Home  »  Volume XI: English THE PERIOD OF THE FRENCH REVOLUTION  »  § 3. Coleridge’s Friendship with Wordsworth

The Cambridge History of English and American Literature in 18 Volumes (1907–21).
Volume XI. The Period of the French Revolution.

VI. Coleridge

§ 3. Coleridge’s Friendship with Wordsworth

It was the genius of Wordsworth—and, with Wordsworth, we must always think of his ‘exquisite sister’—that first revealed him to himself. It was in daily intercourse with a stronger spirit than his own—first at Stowey (1797–8), then, more fitfully, in the lake country (1800–3)—that all his enduring poetry was composed. The spell of Wordsworth, however, went far deeper than this. It not only awakened the younger poet to creative energies which had hitherto lain asleep. It was a transforming influence upon his whole cast of thought, upon the whole character of his soul. His whole nature was roused, for the first time, to a full consciousness of its powers; and powers of which he had hitherto given no suspicion were suddenly called to light. A sense of the beauty of outward things, as deep as Wordsworth’s, but still more delicate and more subtle; a sense of the boundless mystery of life—the inner yet more than the outer life—and a power of interpreting it in terms of thought: these were the two gifts which came to him with this new birth; and, however idly he may have used them, they remained with him to the end. Well might he say that “a new earth and a new heaven” were now “given to him in dower.” For he saw the world with a keener and more radiant vision than had ever been granted to him before; and he saw into it more deeply. In the full sense of the terms, he became, for the first time, both philosopher and poet.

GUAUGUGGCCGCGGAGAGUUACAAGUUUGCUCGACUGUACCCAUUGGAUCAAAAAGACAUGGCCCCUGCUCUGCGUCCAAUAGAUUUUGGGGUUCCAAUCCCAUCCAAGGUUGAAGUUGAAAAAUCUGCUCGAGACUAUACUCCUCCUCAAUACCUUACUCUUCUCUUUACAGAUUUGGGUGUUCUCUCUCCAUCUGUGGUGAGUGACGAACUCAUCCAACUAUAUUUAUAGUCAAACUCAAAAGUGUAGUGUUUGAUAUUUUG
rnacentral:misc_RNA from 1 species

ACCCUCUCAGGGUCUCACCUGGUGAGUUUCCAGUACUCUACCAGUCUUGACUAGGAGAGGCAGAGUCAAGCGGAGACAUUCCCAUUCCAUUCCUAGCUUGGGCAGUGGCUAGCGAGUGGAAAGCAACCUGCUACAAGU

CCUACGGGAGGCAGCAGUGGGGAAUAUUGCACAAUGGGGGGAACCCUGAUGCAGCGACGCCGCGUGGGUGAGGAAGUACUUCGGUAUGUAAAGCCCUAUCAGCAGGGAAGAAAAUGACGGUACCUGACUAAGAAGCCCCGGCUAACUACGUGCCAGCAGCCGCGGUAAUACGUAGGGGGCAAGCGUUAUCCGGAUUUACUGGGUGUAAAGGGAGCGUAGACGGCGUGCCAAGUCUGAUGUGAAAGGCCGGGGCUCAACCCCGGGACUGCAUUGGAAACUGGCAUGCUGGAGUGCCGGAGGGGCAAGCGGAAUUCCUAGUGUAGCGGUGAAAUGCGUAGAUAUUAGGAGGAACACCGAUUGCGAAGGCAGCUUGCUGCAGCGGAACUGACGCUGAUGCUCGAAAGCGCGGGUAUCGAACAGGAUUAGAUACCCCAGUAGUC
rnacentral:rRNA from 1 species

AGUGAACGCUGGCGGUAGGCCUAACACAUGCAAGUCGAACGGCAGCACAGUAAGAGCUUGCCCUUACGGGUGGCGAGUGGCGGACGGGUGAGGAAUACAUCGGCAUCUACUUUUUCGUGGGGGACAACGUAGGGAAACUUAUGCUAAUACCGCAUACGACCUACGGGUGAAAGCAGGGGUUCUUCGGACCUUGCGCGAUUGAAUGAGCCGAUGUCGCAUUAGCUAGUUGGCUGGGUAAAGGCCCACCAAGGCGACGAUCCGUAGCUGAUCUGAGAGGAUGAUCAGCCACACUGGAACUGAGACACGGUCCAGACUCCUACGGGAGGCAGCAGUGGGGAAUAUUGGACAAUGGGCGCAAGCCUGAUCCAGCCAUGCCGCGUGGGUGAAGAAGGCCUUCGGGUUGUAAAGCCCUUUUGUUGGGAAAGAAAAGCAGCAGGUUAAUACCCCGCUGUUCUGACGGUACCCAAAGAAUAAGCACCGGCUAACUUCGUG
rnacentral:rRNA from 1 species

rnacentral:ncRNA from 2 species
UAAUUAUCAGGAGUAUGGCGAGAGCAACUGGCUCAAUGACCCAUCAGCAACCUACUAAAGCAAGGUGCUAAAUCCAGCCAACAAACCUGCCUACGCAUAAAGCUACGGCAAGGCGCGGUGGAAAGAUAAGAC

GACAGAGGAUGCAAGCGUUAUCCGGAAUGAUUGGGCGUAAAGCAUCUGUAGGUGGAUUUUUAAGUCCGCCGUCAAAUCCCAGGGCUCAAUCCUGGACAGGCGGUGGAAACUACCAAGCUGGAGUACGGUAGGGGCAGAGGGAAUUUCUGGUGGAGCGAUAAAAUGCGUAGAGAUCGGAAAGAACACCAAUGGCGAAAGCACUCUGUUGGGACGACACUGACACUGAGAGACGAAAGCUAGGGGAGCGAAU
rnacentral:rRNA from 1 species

That his use of these magic gifts was not what it might have been, is too clear. But it is only just to remember that this applies more to his work as philosopher than as poet. Poetry “comes not with observation.” And, if that be true, in a measure, of all poetry, of none is it so true as of that to which the peculiar genius of Coleridge was manifestly ordained. Is it reasonable to suppose that any poet could have gone on living for ever in an air so rarefied as that of The Ancient Mariner, or Kubla Khan, or Christabel? Given circumstances so happy as almost to amount to a miracle, perhaps he might. But the miracle did not happen to Coleridge; and, even if his will had been as strong as it was weak, there is no warrant that it would have happened. To condemn him on this score, however much he himself would have accepted the condemnation, seems, therefore, unwarrantably harsh. But his other gifts lay in a region more under his control. And, had he been a man of ordinary resolution—above all, had he not let himself become the slave of opium—there was nothing to prevent him from accomplishing a giant’s work in philosophy and criticism. In criticism and the theory of criticism, he might have done for his own country the double work which was done for Germany by Lessing and Hegel, and something more besides. In philosophy, he might have recast and even extended the massive fabric of Kant. As it is, in neither field has he left more than a heap of disjointed, but imposing, fragments.